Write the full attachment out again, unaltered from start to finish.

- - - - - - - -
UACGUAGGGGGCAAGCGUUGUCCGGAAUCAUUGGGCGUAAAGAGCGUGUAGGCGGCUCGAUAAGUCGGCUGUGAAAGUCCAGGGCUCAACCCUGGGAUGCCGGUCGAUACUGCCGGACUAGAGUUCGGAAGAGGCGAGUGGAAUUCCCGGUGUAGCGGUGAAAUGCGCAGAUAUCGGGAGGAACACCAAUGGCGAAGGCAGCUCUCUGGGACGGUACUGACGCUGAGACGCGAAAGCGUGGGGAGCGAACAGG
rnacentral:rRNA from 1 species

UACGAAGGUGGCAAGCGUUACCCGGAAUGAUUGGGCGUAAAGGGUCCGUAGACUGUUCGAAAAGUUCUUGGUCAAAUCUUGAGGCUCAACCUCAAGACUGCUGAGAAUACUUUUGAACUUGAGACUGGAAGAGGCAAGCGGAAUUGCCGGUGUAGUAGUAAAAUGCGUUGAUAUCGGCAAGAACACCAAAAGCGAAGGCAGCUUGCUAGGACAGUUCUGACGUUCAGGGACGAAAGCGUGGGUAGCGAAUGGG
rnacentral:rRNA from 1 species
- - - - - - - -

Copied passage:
UACGUAGGGGGCAAGCGUUGUCCGGAAUCAUUGGGCGUAAAGAGCGUGUAGGCGGCUCGAUAAGUCGGCUGUGAAAGUCCAGGGCUCAACCCUGGGAUGCCGGUCGAUACUGCCGGACUAGAGUUCGGAAGAGGCGAGUGGAAUUCCCGGUGUAGCGGUGAAAUGCGCAGAUAUCGGGAGGAACACCAAUGGCGAAGGCAGCUCUCUGGGACGGUACUGACGCUGAGACGCGAAAGCGUGGGGAGCGAACAGG
rnacentral:rRNA from 1 species

UACGAAGGUGGCAAGCGUUACCCGGAAUGAUUGGGCGUAAAGGGUCCGUAGACUGUUCGAAAAGUUCUUGGUCAAAUCUUGAGGCUCAACCUCAAGACUGCUGAGAAUACUUUUGAACUUGAGACUGGAAGAGGCAAGCGGAAUUGCCGGUGUAGUAGUAAAAUGCGUUGAUAUCGGCAAGAACACCAAAAGCGAAGGCAGCUUGCUAGGACAGUUCUGACGUUCAGGGACGAAAGCGUGGGUAGCGAAUGGG
rnacentral:rRNA from 1 species